San Andreas 2Yes this is pretty clichéd stuff, the troubled hero trying to piece his family back together and it takes a cataclysmic event for him to realise what he’s missing.  Also we get some awful stereotypes such as the typical Hugh Grant-like English lad who is clearly going to be a love interest for the (predictably) hot daughter.  Add to this a scientist (Paul Giamatti) who nobody listens to at first (he may as well be Jeff Goldbum), and some very predictable near-miss almost deaths and – despite plenty of energy and quality effects – I was entertained but not at all surprised.  It also get’s pretty crazy towards the end (that cruise ship bit…).    Yet although failing to re-write the disaster movie rule book, and sticking a bit too rigidly to formula … for a solid two hours entertainment – I’d still say this is worth a watch.  Oh and, The Rock wasn’t bad either.

Verdict:  3 /5

Run All Night

Viewed – 25 August 2015  Online-rental

When Liam Neeson defied expectations and proved a credible action star in the breakout hit Taken, I couldn’t wait to see what would come next.  However what we did get were a series of thrillers that all seemed to come from the same blueprint, delivering entertainment of rapidly deteriorating quality … Taken’s own sequels a prime example.


However I came to this fairly well reviewed revenge thriller with a degree of optimism because well, Neeson is still a solid screen presence and with the right script can really deliver the goods.  Sadly then this wasn’t the case here.  Neeson plays a down on his luck mobster, estranged from his son and still hanging out with his gangster friend Ed Harris.  Yet one night Ed Harris’ loose-cannon son gets in a sticky situation with some Albanian drug dealers and is soon involved in murder – that get’s witnessed by Neeson’s limousine driver son.  Neeson then has to protect his only son from this unhinged hoodlum that he’s forced to kill, which pisses off old friend Harris – and so sets forth a night of retribution and well, a lot of running.

Slightly convoluted story aside, the concept here is decent, and the performances, especially Harris and Neeson are not bad.  RoboCop remake’s Joel Kinnaman is also passable as Neeson’s clean-cut son … but the big let down here is the direction from usually commendable Jaume Collet-Serra (the underrated ‘Unknown’ and cult classic ‘Orphan’).  He chooses to shoot the whole movie like a rapidly edited pop-video that really didn’t suit the gritty, realistic tone and spoils pretty much every attempt at a good moment.  A car chase is dizzying and just not enjoyable to watch.  Shoot outs get tiresome very quickly, and even quiet character moments are awash with camera angles that don’t stay in one place for more than a second.  The writing is also pretty lazy and get’s rather silly at times just to help the plot along (leave the hit man alive?  Really??).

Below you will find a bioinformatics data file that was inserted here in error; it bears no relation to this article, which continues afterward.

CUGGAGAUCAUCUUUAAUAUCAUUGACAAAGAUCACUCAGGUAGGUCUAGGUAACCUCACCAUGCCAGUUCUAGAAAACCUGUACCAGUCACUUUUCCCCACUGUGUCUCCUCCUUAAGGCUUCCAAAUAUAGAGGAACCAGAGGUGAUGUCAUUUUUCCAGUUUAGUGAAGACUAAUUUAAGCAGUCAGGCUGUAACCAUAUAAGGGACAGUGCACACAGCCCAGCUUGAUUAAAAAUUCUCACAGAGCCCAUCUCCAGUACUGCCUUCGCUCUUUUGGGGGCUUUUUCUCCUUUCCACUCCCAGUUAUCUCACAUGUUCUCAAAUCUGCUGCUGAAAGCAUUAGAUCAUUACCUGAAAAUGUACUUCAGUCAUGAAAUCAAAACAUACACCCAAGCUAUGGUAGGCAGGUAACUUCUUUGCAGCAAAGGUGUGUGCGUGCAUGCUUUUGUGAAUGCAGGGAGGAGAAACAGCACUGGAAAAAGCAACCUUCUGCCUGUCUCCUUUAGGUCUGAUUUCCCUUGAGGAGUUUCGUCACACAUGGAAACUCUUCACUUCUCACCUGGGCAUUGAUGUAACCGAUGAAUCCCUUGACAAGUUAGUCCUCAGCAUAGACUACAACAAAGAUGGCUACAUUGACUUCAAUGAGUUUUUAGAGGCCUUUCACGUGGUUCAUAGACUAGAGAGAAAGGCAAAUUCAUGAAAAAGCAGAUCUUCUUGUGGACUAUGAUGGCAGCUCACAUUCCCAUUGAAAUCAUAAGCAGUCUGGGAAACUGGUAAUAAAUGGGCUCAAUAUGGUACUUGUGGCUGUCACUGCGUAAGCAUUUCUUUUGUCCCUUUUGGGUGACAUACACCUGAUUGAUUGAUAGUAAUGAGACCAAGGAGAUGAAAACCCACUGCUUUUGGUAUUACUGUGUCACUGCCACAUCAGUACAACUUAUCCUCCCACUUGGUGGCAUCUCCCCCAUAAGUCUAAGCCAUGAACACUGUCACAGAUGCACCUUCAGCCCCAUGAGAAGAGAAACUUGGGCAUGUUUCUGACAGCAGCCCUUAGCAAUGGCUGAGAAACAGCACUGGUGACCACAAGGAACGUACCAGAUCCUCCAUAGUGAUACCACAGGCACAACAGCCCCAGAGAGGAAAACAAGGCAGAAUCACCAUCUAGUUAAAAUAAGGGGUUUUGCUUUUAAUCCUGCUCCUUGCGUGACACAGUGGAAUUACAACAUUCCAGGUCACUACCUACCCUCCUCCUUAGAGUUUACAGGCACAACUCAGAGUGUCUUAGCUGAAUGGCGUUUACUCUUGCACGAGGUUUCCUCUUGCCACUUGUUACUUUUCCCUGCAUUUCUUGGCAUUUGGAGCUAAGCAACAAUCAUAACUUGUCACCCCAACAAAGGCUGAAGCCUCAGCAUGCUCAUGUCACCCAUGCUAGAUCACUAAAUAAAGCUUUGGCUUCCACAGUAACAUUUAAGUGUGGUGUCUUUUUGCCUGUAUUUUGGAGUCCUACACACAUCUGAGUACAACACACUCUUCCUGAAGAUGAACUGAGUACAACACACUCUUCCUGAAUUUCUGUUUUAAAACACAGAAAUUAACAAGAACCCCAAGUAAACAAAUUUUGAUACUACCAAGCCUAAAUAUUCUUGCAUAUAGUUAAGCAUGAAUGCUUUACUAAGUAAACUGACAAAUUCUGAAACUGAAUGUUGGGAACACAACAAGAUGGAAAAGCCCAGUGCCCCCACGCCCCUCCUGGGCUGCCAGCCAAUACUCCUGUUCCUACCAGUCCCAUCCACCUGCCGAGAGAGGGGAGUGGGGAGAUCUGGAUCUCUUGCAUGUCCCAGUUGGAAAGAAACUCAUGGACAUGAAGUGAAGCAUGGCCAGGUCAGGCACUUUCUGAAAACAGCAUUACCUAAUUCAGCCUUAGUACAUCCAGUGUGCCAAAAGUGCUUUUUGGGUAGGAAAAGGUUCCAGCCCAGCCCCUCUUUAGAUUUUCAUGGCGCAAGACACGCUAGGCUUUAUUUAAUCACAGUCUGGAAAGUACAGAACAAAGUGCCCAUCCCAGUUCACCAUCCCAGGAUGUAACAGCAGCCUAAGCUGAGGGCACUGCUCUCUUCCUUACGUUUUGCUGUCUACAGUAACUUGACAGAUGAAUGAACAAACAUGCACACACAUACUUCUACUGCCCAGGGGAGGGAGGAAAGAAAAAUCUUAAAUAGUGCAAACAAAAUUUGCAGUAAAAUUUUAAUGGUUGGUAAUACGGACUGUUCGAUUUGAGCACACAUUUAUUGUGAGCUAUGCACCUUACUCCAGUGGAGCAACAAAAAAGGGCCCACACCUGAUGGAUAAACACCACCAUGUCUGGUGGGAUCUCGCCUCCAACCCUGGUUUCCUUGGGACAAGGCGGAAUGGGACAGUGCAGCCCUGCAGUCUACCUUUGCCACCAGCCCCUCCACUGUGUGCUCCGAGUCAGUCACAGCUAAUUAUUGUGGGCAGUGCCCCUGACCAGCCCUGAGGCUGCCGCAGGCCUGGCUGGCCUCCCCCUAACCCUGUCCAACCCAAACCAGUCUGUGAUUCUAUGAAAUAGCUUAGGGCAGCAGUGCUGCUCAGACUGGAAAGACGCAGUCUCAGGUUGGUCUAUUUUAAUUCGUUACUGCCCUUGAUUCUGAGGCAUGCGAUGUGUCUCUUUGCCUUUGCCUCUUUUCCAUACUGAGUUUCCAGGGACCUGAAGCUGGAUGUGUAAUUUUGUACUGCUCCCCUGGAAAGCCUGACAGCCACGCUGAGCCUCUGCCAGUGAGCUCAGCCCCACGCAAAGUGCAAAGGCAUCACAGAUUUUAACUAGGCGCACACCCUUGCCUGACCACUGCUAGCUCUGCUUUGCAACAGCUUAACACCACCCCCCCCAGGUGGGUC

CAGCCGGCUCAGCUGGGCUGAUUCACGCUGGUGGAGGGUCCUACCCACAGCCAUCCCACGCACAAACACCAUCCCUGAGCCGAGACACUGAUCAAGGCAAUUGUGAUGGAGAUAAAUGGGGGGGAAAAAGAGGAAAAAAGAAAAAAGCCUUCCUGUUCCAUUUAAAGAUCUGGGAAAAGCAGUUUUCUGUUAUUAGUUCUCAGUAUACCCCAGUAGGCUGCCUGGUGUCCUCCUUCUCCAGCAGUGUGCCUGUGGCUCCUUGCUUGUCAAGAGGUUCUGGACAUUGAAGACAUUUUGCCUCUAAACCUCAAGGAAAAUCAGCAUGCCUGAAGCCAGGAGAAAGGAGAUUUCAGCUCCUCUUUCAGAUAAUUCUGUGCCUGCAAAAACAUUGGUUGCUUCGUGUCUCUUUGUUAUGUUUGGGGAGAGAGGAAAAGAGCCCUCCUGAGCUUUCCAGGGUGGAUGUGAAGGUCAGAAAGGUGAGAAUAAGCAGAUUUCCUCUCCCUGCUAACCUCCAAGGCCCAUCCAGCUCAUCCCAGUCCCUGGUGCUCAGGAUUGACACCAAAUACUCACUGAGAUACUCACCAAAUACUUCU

Some plot elements like how Neeson won’t let his son fire a gun and the father / son bonding or the friendship between Harris and Neeson, helped give the movie some depth – and in better hands, could have made for much more memorable fair (Michael Mann comes to mind, considering we get a steal of Heat’s famous coffee shop scene).  But no, this was just sloppy style for the sake of sloppy style, that took any potential and ruined it.

Verdict:  2 /5

The Gift

Viewed – 13 August 2015  Cinema

Jason Bateman for as long as he’s been around, has never really been the sort of actor that guarantees bums on seats.  He’s been known for TV sitcoms like Arrested Development and a wealth of comedy movies such as Horrible Bosses.  Yet I’ve always liked him and always look forward to seeing him in stuff.  This latest thriller has him as a successful business man who has recently moved into a nice up-market neighbourhood with his beautiful wife (Rebecca Hall).  The perfect little life, until that is an old school friend bumps into him one day and gradually starts muscling his way into their lives.  Gordo (Joel Edgerton) seems nice, normal if a little awkward and pushy, but mostly harmless – or is he?

the gift 2

Classic psychological thriller territory for sure, think The Hand That Rocks The Cradle, Single White Female etc. and you’ll get the idea.  However this has a stand out performance from Bateman, who shows a depth and complexity to his character I wasn’t expecting.  Also Edgerton as Gordo (who also directs) is perfectly strange and mysterious and possibly psychotic – but balances the uncertainty well.  The GiftThe movie mostly focuses however on Hall’s character who is vulnerable and troubled, with a past hinting at something that went wrong (possibly a miscarriage) between the couple and how the new home is a new start.  I enjoyed this as it played with genre conventions, threw in a few excellent jump-scares and kept me guessing.

It’s fairly safe in it’s concept and certainly could have elaborated more on things with the odd flash back, as I came away still asking questions about these characters.  There was also potential for the story to go to much darker depths.  But these are small gripes and overall The Gift was a gripping and well written thriller that surprised and entertained in equal measure.

Verdict:  3.5 /5